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A Beginner’s Guide: What is Freelancing in the Gig Economy?

What is freelancing within the gig economy? It lets an individual offer flexible work services to clients through an online platform. Read on to figure out if a freelancing career is right for you.

Before we get started, this article is about freelancing on the various online platforms. So this is work you can do from anywhere and you’ll only need a computer and an Internet connection to accomplish it. In this article, I’ll prepare you with everything you need to know about freelancing, its advantages, and disadvantages and how to get started with work as an independent contractor.

How Many People Freelance?

There are an estimated 1.1 billion freelancers globally, accounting for about 35% of the world’s total employed workforce. By 2030, freelancers will represent about 80% of the total employment workforce. That’s a big number and a big deal because if you are considering a freelance career, I encourage you to read through this article and weigh the pros and cons with that big number in mind.

Freelancing is growing in popularity on both ends. People like to freelance because of the freedom and lifestyle it offers them and businesses want to hire them because it keeps their costs down. So the work still gets done and both teams win.

Why Should I Freelance?

Freelancing is a proven online business model that has been around for decades and it has been bolstered by the remote work movement. It is a frequent starting place for people looking for online business ideas because of how quickly you can start earning money. It is one of the fastest ways to start earning an online income.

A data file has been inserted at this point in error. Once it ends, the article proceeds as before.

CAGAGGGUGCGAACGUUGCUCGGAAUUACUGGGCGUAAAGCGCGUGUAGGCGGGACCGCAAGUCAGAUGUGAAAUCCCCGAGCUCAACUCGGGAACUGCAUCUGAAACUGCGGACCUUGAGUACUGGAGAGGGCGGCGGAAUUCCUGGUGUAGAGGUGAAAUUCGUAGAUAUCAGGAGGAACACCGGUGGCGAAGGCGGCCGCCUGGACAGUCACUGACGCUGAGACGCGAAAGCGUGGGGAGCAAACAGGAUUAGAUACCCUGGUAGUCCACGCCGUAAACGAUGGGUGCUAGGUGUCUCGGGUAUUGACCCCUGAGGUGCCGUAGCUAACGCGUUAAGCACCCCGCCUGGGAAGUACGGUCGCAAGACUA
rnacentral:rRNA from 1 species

According to a freelance survey carried out by a freelance website called Upwork, the United States had about 57 million freelancers in 2019, who earned approximately $1 trillion, representing 4.8% of the U.S. GDP. The U.S. has the fastest-growing freelance market globally, and this trend will continue.

What is Freelancing?

Freelancing lets an individual offer their services to other entrepreneurs and businesses through the gig economy using online platforms like

You work as a self-employed person rather than being employed by a company. Freelancers are often called independent contractors because they can work for a company with a short-term or long-term contract but they are not employees. The company may pay them a flat fee for the work they do or they may get paid per hour.

What is the Gig Economy?

A gig economy is a market system that offers short-term flexible jobs. Companies in a gig economy hire freelancers as needed for work. A gig economy is the opposite of a traditional economy which is based on full-time employment where an employees focuses on a lifetime career with the company.

What is a Freelancer?

In a gig economy, a freelancer is a self-employed individual entity who provides services to businesses over a specified duration of time.

You may choose to use third-party businesses like Upwork, Fiverr, etc., to connect with entrepreneurs looking to hire you. You may also prefer searching for clients directly using methods such as cold pitching without ever needing to use third-party platforms. You’d do this with your own website, although this is considered advanced.

You can offer services to many industries through a wide range of skills such as; Marketing, Graphic Design, Virtual Assistant, Editing & Proofreading, Transcription, Writing, Project Management, Web Design, Social Media Management, etc.

While some freelancers provide general services, others offer very specialized services such as SEO content writers or YouTube video editing.

Your earnings will hinge on your experience, skillset, and target clients. Specialized skills such as Facebook Advertising are likely to pay more than general skills such as transcription.

The Advantages of Freelancing

Here are some of the benefits you are likely to enjoy by pursuing a career as an independent contractor: